What Maisie Knew

2012

Drama

170
Rotten Tomatoes Critics - Certified Fresh 87%
Rotten Tomatoes Audience - Upright 80%
IMDb Rating 7.5

Synopsis


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23.976 fps
1hr 39 min
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Movie Reviews

Reviewed by Monica Story 10 / 10

A heartbreaking gem of a movie. Loved it.

This movie is a little gem. I read the New York Times review that said it was "Brilliant" or whatever, and I don't know if I'd go that far, but it's definitely the best movie about divorce and child custody I've ever seen, and it's nothing like Kramer vs. Kramer. It's actually really sweet and real feeling, mostly because you really identify with the little girl Maisie. All the adult actors are great, and sometimes funny (Steve Coogan), but I especially loved Alexander Skarsgard. He seems like a loser when you first see him, but he ends up being super loving, and his scenes with Maisie are really fun to watch. Haters are going to hate, but I think anyone would relate to this film about parents, kids, and finding people to love.

Reviewed by David Ferguson (fergusontx@gmail.com) 7 / 10

She knows plenty

Greetings again from the darkness. An ultra-modern update of the 1897 Henry James novel introduces us to parents we know, but wish we didn't. Steve Coogan plays Beale, a self-absorbed art dealer. Julianne Moore plays Susanna, a self-absorbed rock star. OK, you and I may not know art dealers and rock stars, but we know self-absorbed types and we know they make terrible parents. So not only do we know it, but it's also what Maisie knows.

Five outstanding performances and strong work by co-directors Scott McGhee and David Siegel prevent this one from spinning off into the neverlands of melodramatic muck. Onata Aprile is a wonder as Maisie. She displays none of the typical "movie kid" precociousness. The movie (and James novel) are told from her point of view. We see the fragmented bits and pieces she experiences as her parents fight. Rather than a full story, we share her moments of late pick-ups, early drop-offs and forgotten trips.

Soon enough Beale and Susanna are divorced and the real wars begin. These despicable adults make little effort in hiding their hatred of each other from 6 year old Maisie. It becomes background noise to her life. Further proof of the epic narcissism from both, Beale soon marries Margot the nanny (played by Joanna Vanderham) and Susanna reacts by marrying Lincoln, a band gopher and bartender played by studly Alexander Skarsgard. The most startling moment of the movie occurs when Lincoln first begins playing with Maisie ... it's as if we had almost forgotten what it means to give your attention to a child.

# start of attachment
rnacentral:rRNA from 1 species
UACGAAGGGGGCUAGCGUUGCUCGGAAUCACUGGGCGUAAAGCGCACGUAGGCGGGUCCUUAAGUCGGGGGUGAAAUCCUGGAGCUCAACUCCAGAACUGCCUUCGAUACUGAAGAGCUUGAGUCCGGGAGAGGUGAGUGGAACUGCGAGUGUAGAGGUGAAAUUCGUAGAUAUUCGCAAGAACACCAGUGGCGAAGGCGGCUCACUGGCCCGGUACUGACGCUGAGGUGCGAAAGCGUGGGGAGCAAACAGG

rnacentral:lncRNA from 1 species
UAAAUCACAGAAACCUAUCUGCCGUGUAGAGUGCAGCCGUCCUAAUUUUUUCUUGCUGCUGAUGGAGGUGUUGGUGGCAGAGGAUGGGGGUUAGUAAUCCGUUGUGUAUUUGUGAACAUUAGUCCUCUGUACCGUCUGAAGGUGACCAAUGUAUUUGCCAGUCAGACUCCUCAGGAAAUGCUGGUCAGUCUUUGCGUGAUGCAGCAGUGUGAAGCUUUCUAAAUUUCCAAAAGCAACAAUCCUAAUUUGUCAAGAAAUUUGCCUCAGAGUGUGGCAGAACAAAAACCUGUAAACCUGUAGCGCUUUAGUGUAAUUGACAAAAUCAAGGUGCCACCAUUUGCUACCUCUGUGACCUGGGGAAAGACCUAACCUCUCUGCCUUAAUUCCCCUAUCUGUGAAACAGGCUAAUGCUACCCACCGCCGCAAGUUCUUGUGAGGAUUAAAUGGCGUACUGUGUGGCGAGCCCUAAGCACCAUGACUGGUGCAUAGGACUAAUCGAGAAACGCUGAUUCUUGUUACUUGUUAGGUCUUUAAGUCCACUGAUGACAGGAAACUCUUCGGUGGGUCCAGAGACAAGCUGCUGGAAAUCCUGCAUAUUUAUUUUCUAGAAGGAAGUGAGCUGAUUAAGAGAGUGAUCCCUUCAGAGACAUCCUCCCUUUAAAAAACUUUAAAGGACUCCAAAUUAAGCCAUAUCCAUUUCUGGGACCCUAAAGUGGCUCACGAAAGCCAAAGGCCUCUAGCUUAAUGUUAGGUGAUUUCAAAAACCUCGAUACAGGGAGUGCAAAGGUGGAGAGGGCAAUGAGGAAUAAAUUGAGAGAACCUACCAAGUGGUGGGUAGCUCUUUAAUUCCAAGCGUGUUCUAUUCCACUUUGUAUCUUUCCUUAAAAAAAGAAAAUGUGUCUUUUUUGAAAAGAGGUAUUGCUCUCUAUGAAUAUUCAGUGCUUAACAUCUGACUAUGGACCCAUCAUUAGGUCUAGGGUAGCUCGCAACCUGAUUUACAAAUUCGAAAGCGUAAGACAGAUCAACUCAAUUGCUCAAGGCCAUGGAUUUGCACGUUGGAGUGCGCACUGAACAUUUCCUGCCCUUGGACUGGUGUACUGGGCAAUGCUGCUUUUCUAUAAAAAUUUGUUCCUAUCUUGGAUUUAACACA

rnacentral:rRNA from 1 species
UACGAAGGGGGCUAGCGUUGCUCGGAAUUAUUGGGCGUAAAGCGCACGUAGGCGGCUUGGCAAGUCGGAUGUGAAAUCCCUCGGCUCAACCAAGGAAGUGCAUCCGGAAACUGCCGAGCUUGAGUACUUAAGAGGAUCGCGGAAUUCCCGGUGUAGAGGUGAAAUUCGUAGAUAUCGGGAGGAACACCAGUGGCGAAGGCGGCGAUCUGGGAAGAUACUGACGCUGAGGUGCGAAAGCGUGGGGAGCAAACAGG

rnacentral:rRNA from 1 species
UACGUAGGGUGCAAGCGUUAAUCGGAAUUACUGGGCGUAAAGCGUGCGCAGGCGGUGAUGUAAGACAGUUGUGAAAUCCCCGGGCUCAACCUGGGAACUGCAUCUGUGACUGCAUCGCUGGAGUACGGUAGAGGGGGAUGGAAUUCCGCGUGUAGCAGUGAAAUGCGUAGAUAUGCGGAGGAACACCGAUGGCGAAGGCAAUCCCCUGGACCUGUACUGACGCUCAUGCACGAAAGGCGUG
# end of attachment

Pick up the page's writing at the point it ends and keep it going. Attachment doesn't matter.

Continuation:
This is not an easy film to watch ... at least if you understand that parenting means putting yourself second. The directors do a wonderful job of showing us how Maisie takes in moments and what memories she makes from these. The neglect and false moments of caring from her parents make her acceptance of the attention to her step-parents even more poignant. We can't help but hope things work out for this little girl and it's a reminder that childhood innocence cannot be recaptured once lost ... and it's worth hanging on to for as long as possible.

Reviewed by isachs 10 / 10

beautiful film and story

A gorgeous film that manages to convey the emotion of childhood at its more heart-wrenching. The central performance by Joanna Vanderham is absolutely extraordinary, and reminds me of some of the greatest child performances I've ever seen on film. As her parents, Julianne Moore and Steve Coogan make you feel like you are right in the middle of the tumult of family life. Directors Scott McGehee and David Siegel have created a movie that feels like life, the vulnerability, the abruptness, the comedy, the joy.

With intimacy at times almost startling, this is one of the best adaptations of a novel by Henry James I've ever seen.

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